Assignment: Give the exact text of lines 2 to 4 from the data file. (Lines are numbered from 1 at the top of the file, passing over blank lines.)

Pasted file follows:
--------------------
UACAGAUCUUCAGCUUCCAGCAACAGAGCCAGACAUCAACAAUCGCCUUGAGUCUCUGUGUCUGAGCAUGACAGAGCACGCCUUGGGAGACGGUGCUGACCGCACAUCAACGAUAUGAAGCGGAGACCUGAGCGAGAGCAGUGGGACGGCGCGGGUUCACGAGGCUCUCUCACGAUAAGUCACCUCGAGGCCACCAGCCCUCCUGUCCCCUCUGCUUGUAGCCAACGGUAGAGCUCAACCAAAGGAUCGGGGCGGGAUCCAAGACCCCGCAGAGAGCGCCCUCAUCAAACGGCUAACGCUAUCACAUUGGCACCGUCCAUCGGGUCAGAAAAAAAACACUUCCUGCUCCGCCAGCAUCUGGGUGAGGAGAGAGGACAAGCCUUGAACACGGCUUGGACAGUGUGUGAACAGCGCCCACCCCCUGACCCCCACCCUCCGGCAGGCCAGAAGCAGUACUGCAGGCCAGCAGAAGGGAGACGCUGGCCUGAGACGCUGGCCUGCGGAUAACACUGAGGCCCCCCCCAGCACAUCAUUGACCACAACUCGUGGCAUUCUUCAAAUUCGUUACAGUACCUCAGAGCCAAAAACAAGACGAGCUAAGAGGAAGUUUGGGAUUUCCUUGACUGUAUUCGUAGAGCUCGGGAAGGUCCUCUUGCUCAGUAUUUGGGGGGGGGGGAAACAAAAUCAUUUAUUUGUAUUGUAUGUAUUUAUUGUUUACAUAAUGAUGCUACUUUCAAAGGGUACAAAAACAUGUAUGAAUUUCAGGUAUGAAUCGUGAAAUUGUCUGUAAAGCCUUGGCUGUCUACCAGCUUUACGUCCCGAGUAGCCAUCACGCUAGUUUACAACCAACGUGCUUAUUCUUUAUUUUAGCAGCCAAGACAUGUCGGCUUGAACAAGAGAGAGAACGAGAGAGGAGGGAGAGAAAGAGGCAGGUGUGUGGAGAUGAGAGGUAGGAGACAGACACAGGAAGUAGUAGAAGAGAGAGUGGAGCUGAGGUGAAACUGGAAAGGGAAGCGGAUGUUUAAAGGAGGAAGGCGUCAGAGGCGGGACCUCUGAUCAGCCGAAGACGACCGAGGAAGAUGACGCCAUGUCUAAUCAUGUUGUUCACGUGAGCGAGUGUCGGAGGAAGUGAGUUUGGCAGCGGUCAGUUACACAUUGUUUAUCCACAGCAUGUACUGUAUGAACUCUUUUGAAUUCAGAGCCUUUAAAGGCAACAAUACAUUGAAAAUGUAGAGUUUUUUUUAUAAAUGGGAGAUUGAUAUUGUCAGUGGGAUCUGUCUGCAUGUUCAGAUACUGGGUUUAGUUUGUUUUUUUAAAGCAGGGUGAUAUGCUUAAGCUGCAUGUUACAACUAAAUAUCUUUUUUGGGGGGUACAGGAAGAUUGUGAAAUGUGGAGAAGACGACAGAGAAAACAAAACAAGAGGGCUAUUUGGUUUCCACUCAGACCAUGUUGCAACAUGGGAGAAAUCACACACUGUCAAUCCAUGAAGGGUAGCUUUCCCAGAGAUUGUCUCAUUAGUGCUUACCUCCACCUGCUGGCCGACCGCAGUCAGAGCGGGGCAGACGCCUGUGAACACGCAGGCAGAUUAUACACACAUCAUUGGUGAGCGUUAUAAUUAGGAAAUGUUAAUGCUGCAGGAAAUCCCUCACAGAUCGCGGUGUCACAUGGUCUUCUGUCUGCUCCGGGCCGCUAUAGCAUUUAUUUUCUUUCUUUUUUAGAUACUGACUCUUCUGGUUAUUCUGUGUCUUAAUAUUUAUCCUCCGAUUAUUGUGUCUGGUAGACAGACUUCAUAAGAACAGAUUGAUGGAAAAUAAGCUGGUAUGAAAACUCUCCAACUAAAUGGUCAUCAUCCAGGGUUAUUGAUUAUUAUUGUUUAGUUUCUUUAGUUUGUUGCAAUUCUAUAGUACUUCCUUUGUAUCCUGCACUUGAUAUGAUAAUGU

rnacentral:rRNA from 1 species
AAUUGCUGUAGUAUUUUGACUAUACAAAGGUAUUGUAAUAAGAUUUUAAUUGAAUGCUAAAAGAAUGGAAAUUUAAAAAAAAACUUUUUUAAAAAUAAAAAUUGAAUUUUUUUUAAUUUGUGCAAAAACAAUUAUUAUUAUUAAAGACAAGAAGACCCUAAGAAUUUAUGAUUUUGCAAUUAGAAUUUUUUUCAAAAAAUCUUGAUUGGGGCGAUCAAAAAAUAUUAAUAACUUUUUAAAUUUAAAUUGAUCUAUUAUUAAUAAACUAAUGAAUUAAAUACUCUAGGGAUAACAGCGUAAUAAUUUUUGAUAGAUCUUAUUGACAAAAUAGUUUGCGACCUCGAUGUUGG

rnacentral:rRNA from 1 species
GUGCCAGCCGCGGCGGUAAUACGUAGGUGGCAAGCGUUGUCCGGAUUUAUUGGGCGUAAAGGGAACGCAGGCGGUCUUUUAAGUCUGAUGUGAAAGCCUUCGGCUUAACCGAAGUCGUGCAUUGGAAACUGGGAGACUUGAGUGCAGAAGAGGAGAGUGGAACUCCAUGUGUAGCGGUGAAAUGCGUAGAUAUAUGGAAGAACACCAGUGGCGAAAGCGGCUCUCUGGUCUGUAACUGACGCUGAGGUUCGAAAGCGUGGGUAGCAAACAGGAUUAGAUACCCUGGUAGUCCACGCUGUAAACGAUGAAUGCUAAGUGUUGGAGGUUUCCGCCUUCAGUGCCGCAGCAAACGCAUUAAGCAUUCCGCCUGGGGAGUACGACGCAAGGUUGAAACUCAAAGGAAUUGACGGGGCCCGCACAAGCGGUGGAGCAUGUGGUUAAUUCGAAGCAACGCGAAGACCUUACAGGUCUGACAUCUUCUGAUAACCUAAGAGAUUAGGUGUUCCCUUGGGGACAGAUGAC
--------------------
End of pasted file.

rnacentral:rRNA from 1 species
AAUUGCUGUAGUAUUUUGACUAUACAAAGGUAUUGUAAUAAGAUUUUAAUUGAAUGCUAAAAGAAUGGAAAUUUAAAAAAAAACUUUUUUAAAAAUAAAAAUUGAAUUUUUUUUAAUUUGUGCAAAAACAAUUAUUAUUAUUAAAGACAAGAAGACCCUAAGAAUUUAUGAUUUUGCAAUUAGAAUUUUUUUCAAAAAAUCUUGAUUGGGGCGAUCAAAAAAUAUUAAUAACUUUUUAAAUUUAAAUUGAUCUAUUAUUAAUAAACUAAUGAAUUAAAUACUCUAGGGAUAACAGCGUAAUAAUUUUUGAUAGAUCUUAUUGACAAAAUAGUUUGCGACCUCGAUGUUGG

rnacentral:rRNA from 1 species